• Did you do your best at the time, under challenging circumstances?
  • Do you truly believe that if you had died, someone else would have survived?

Honestly assessing your responsibility and role can free you to move on and grieve your losses. Even if you continue to feel some guilt, instead of punishing yourself, you can redirect your energy into honoring those you lost and finding ways to keep their memory alive. For example, you could volunteer for a cause that’s connected in some way to one of the friends you lost. The goal is to put your guilt to positive use and thus transform a tragedy, even in a small way, into something worthwhile.

Step 7: Seek professional treatment

Professional treatment for PTSD can help you confront what happened to you and learn to accept it as a part of your past. When working with an experienced therapist or doctor, treatment may involve:

Cognitive-behavioral therapy (CBT) or counseling. This involves gradually “exposing” yourself to thoughts and feelings that remind you of the event. Therapy also involves identifying distorted and irrational thoughts about the event—and replacing them with more balanced picture.

Medication, such as antidepressants. While medication may help you feel less sad, worried, or on edge, it doesn’t treat the causes of PTSD.

Eye Movement Desensitization and Reprocessing (EMDR). This incorporates elements of CBT with eye movements or other rhythmic, left-right stimulation such as hand taps or sounds. These can help your nervous system become “unstuck” and move on from the traumatic event.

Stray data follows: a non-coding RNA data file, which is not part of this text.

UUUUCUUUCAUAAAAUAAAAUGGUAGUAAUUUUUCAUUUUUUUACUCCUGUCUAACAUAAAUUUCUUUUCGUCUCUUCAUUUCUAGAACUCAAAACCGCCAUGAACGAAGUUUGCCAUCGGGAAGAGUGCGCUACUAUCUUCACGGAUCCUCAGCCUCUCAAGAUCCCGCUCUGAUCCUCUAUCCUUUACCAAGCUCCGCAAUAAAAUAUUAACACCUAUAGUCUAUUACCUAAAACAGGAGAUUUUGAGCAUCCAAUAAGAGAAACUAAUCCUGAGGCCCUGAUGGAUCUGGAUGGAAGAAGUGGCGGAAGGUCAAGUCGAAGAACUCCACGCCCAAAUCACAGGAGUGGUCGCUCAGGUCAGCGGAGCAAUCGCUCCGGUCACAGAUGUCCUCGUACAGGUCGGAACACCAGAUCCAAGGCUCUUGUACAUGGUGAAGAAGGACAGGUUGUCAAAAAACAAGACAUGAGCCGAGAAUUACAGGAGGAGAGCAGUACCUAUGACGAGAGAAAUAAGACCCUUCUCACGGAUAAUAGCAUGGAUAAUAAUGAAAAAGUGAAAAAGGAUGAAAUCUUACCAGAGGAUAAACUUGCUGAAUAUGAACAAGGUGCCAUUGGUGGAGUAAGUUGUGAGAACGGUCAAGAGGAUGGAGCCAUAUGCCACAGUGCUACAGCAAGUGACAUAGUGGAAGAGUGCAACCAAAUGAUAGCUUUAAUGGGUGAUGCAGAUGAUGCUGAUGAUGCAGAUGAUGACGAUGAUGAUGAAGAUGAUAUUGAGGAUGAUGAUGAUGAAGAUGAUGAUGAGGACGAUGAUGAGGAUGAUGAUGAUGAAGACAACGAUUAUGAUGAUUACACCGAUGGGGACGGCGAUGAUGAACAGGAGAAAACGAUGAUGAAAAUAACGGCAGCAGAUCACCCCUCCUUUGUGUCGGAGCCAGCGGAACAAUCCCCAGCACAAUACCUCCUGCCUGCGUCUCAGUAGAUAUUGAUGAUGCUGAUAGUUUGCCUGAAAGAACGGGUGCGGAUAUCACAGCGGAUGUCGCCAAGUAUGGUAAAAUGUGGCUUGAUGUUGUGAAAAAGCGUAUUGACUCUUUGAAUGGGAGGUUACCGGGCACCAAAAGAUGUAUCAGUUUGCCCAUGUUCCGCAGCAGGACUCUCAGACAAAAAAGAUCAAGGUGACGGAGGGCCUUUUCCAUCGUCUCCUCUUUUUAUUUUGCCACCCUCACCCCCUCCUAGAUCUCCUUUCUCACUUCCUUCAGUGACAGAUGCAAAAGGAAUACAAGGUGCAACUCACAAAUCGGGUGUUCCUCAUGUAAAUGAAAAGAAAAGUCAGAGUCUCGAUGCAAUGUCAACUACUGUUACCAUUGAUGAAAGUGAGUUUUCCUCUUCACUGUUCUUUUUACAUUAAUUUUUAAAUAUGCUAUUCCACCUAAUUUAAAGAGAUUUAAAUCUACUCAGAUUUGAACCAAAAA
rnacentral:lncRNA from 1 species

Helping a veteran with PTSD

When a loved one returns from military service with PTSD, it can take a heavy toll on your relationship and family life. You may have to take on a bigger share of household tasks, deal with the frustration of a loved one who won’t open up, or even deal with anger or other disturbing behavior.

Don’t take the symptoms of PTSD personally. If your loved one seems distant, irritable, angry, or closed off, remember that this may not have anything to do with you or your relationship.

Don’t pressure your loved one into talking. Many veterans with PTSD find it difficult to talk about their experiences. Never try to force your loved one to open up but let them know that you’re there if they want to talk. It’s your understanding that provides comfort, not anything you say.